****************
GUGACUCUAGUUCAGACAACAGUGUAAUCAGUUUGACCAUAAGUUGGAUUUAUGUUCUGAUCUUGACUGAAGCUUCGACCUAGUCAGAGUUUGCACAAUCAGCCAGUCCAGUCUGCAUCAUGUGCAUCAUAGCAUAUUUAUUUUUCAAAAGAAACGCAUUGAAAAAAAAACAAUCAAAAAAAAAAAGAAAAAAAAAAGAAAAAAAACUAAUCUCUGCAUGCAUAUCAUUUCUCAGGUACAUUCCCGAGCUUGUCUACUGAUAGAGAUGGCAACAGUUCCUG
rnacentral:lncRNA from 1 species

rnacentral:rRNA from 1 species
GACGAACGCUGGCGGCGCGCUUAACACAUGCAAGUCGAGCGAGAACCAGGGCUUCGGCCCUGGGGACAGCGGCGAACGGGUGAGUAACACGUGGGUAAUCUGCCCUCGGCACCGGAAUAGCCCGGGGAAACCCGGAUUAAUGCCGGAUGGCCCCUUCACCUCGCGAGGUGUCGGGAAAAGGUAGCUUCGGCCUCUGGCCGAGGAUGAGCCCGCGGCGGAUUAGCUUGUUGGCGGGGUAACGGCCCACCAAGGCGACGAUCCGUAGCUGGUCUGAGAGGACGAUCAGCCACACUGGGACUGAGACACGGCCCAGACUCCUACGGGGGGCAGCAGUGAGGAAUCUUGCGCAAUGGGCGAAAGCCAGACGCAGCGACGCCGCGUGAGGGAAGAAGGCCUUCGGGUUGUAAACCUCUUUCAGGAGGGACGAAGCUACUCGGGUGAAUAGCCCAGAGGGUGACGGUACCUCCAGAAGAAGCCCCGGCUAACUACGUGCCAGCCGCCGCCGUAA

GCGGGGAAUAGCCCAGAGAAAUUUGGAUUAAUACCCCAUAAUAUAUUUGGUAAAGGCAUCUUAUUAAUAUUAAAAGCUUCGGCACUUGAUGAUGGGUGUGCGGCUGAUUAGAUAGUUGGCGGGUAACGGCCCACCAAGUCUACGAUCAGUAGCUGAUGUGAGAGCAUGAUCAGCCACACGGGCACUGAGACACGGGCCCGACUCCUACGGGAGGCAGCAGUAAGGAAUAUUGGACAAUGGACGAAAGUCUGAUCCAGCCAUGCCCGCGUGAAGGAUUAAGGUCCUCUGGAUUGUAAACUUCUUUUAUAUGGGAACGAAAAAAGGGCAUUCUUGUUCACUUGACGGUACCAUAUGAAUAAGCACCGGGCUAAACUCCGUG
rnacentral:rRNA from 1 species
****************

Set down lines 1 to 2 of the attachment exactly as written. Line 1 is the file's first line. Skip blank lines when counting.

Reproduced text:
GUGACUCUAGUUCAGACAACAGUGUAAUCAGUUUGACCAUAAGUUGGAUUUAUGUUCUGAUCUUGACUGAAGCUUCGACCUAGUCAGAGUUUGCACAAUCAGCCAGUCCAGUCUGCAUCAUGUGCAUCAUAGCAUAUUUAUUUUUCAAAAGAAACGCAUUGAAAAAAAAACAAUCAAAAAAAAAAAGAAAAAAAAAAGAAAAAAAACUAAUCUCUGCAUGCAUAUCAUUUCUCAGGUACAUUCCCGAGCUUGUCUACUGAUAGAGAUGGCAACAGUUCCUG
rnacentral:lncRNA from 1 species